Swiss Professor Heike Mayer recently mapped Kansas City’s bright entrepreneurship stars and systems into a Tech Galaxy map. The new “Kansas City Tech Galaxy” poster map visualizes data on the entrepreneurial heritage, or genealogy, of nearly 600 firms and institutions in the region. The data funded by the Ewing Marion Kauffman Foundation illustrates Kansas City’s entrepreneurial development over the past 50-plus years.
Mayer, who has studied Kansas City’s entrepreneurial culture since 2005, says, “Kansas City appears to have followed a markedly different path of economic development than more prominent tech regions like Silicon Valley and Boston.”
Kansas City’s tech industry growth is not because major research universities have pushed for the development of technology but can be attributed to leveraging large home-grown firms such as: Marion Laboratories, MRI Global, Sprint, UMKC, Cerner, Innovative Software, Perceptive Software, Proteon Therapeutics, and Archer Technologies.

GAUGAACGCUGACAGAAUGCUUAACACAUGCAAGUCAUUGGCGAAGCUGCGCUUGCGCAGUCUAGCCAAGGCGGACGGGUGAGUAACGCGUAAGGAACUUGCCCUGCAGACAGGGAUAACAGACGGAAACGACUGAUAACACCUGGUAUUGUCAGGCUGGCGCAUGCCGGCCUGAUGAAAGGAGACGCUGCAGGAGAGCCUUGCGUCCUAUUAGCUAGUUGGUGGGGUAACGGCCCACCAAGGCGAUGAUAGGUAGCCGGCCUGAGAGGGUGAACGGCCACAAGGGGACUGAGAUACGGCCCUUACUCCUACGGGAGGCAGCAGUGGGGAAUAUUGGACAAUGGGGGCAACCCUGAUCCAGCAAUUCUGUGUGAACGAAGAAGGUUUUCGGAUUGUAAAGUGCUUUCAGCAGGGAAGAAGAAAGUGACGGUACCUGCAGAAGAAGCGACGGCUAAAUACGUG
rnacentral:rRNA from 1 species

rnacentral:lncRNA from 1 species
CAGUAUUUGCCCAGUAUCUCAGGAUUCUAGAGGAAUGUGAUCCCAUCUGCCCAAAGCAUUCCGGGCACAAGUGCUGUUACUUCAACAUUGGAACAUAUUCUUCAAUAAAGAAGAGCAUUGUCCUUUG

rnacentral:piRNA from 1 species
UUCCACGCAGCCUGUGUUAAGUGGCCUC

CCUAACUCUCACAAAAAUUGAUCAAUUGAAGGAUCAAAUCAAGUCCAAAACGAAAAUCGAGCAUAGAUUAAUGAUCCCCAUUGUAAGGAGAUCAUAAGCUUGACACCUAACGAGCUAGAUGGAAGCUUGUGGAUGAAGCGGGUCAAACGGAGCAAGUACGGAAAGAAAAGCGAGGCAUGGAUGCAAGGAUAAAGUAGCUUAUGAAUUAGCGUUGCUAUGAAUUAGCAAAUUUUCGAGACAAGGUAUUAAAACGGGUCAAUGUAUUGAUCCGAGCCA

“This research confirms that Kansas City is a vibrant high-technology location,” said Dane Stangler, director of research and policy at the Kauffman Foundation. “The development of this vibrancy, however, does not match the way policymakers usually think about it. The companies in these sectors were made locally—not imported from other states as a result of the conventional smokestack chasing that many economic development leaders pursue.”
The Kauffman Foundation points out that the data and survey helps community developers to understand founders and the region they inhibit.
Seventy percent of Kansas City entrepreneurs used personal savings to launch their startups, while just 9.4 percent accessed venture capital.
Respondents gave mentors who give advice the highest rating (52.5 percent) as sources of new ideas for Kansas City entrepreneurs; customers and users followed at 43.8 percent.
Key advantages of the region include informal local access to innovative people, ideas and technologies, as well as supportive local entrepreneurship organizations and initiatives. On the negative side, respondents cited difficulties in accessing capital locally, as well as local shortages of technology, marketing, and sales talent.
The Tech Galaxy Map is an ongoing process. Most of the data comes from respondents that can be categorized as small businesses. The map does not show the full extent of Kansas City’s spinoffs and entrepreneurial development. Mayer encourages local companies to provide data. The form is available here.